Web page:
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Date & Time in R - Date & Time Formats


This is the fifth tutorial in the series Handling Date & Time in R. In this tutorial, we will learn about date and time formats.


Below are the links to all the resources related to this tutorial:

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Date & Time Formats

After the timezones and daylight savings detour, let us get back on path and explore another important aspect, date & time formats. Although it is a good practice to adher to ISO 8601 format, not all date/time data will comply with it. In real world, date/time data may come in all types of weird formats. Below is a sample

December 12, 2019
12th Dec, 2019
Dec 12th, 19
2019 December

When the data is not in the default ISO 8601 format, we need to explicitly specify the format in R. We do this using conversion specifications. A conversion specification is introduced by %, usually followed by a single letter or O or E and then a single letter.

Conversion Specifications

Specification Description Example
%d Day of the month (decimal number) 12
%m Month (decimal number) 12
%b Month (abbreviated) Dec
%B Month (full name) December
%y Year (2 digit) 19
%Y Year (4 digit) 2019
%H Hour 8
%M Minute 5
%S Second 3

Time to work through a few examples. Let us say you are dealing with dates in the format 19/12/12. In this format, the year comes first followed by month and the date; each separated by a slash (/). The year consists of only 2 digits i.e. it does not include the century. Let us now map each component of the date to the conversion specification table shown at the beginning.

Date Specification
19 %y
12 %m
12 %d

Using the format argument, we will specify the conversion specification as a character vector i.e. enclosed in quotes.

as.Date("19/12/12", format = "%y/%m/%d")
## [1] "2019-12-12"

Another way in which the release data can be written is 2019-Dec-12. We still have the year followed by the month and the date but there are a few changes here:

  • the components are separated by a - instead of /
  • year has 4 digits i.e. includes the century
  • the month is specified using abbreviation instead of digits

Let us map the components to the format table:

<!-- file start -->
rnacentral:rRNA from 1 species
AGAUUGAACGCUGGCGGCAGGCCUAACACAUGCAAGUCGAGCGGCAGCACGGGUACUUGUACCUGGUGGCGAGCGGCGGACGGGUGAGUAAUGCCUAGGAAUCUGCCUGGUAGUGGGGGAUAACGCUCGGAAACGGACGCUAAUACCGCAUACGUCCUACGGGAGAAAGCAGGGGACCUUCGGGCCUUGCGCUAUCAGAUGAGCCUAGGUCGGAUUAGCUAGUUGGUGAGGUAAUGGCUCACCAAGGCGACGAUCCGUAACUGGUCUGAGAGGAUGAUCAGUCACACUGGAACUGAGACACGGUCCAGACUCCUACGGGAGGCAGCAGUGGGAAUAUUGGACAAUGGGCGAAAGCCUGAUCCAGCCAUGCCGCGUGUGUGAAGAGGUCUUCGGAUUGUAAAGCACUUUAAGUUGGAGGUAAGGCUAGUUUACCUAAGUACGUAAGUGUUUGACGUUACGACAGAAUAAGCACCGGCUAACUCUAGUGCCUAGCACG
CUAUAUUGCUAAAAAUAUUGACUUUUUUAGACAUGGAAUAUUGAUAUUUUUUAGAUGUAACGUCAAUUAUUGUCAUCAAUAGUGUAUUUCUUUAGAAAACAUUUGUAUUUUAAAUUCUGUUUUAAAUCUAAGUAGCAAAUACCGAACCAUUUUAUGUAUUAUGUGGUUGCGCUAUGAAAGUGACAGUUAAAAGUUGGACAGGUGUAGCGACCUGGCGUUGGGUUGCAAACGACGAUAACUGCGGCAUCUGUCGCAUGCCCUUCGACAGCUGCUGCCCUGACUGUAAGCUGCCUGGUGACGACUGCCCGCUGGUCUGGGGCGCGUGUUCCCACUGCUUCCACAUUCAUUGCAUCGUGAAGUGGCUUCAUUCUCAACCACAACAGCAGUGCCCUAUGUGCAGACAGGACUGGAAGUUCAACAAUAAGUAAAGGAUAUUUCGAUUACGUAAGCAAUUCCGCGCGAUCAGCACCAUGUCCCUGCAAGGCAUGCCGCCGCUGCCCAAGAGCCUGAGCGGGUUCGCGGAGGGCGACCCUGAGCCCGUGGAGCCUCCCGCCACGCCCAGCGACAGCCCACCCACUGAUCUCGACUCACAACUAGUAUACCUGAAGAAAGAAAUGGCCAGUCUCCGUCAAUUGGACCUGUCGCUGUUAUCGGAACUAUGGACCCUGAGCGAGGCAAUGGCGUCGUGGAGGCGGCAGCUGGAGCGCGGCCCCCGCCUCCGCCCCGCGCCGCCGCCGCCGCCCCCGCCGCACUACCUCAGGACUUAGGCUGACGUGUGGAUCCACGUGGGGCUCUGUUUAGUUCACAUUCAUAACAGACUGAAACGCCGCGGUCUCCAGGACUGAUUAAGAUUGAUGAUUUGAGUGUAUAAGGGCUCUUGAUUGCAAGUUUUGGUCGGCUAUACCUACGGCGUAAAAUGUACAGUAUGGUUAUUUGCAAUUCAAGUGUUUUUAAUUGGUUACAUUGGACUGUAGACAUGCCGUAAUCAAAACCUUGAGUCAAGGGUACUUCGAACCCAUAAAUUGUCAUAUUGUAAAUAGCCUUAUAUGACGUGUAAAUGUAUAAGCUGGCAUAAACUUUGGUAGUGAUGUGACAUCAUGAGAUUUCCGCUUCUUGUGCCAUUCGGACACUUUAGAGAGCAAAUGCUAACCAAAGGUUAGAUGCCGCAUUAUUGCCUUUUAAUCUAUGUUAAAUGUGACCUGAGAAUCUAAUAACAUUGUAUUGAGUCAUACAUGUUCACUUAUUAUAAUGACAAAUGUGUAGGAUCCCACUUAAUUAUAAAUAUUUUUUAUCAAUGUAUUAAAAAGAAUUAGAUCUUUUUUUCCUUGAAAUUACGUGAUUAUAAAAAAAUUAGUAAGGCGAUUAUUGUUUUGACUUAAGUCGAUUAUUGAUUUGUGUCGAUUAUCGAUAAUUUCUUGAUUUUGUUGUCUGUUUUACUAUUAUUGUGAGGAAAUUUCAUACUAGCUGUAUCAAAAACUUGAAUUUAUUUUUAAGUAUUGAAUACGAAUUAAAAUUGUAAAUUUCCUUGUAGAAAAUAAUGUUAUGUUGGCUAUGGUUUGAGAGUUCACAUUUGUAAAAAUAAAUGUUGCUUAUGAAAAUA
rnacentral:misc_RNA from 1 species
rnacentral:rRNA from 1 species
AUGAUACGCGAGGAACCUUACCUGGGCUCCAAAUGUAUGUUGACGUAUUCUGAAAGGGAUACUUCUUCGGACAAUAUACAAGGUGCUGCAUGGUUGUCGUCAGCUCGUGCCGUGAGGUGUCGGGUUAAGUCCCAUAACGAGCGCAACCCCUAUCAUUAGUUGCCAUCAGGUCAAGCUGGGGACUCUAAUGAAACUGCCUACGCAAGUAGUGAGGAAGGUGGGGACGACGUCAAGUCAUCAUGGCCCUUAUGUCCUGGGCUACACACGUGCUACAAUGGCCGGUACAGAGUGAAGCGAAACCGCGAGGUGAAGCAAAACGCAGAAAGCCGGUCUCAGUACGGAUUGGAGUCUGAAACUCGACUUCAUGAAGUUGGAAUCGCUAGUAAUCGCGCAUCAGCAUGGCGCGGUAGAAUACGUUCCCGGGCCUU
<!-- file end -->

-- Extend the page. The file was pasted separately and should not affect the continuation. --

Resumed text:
Date Specification
2019 %Y
Dec %b
12 %d

Let us specify the format for the date using the above mapping.

as.Date("2019-Dec-12", format = "%Y-%b-%d")
## [1] "2019-12-12"

In both the above examples, we have not dealt with time components. Let us include the release time of R 3.6.2 in the next one i.e.  19/12/12 08:05:03.

Date Specification
19 %y
12 %m
12 %d
08 %H
05 %M
03 %S

Since we are dealing with time, we will use as.POSIXct() instead of as.Date().

as.POSIXct("19/12/12 08:05:03", tz = "UTC", format = "%y/%m/%d %H:%M:%S")
## [1] "2019-12-12 08:05:03 UTC"

In the below table, we look at some of the most widely used conversion specifications. You can learn more about these specifications by running ?strptime or help(strptime).

Specification Description
%a Abbreviated weekday
%A Full weekday
%C Century (00-99)
%D Same as %m/%d/%y
%e Day of month [1 - 31]
%F Same as %Y-%m-%d
%h Same as %b
%I Hours as decimal [01 - 12]
%j Day of year [001 - 366]
%R Same as %H:%M
%t Tab
%T Same as %H:%M:%S
%u Weekday 1 - 7
%U Week of year [00 - 53]
%V Week of year [01 - 53]
%w Weekday 0 - 6
%W Week of year [00 - 53]

We have included a lot of practice questions for you to explore the different date/time formats. The solutions are available in the Learning Management System as well as in our GitHub repo. Try them and let us know if you have any doubts.

Guess Format

guess_formats() from lubridate is a very useful function. It will guess the date/time format if you specify the order in which year, month, date, hour, minute and second appear.

release_date_formats <- c("December 12th 2019",
                        "Dec 12th 19",
                        "dec 12 2019")

              orders = "mdy", 
              print_matches = TRUE)
##                           Omdy          mdy         
## [1,] "December 12th 2019" "%Om %dth %Y" "%B %dth %Y"
## [2,] "Dec 12th 19"        "%Om %dth %y" "%b %dth %y"
## [3,] "dec 12 2019"        "%Om %d %Y"   "%b %d %Y"
##          Omdy          Omdy          Omdy           mdy           mdy 
## "%Om %dth %Y" "%Om %dth %y"   "%Om %d %Y"  "%B %dth %Y"  "%b %dth %y" 
##           mdy 
##    "%b %d %Y"

Your Turn

Below, we have specified July 5th, 2019 in different ways. Create the date using as.Date() while specifying the correct format for each of them.

  • 05.07.19
  • 5-July 2019
  • July 5th, 2019
  • July 05, 2019
  • 2019-July- 05
  • 05/07/2019
  • 07/05/2019
  • 7/5/2019
  • 07/5/19
  • 2019-07-05

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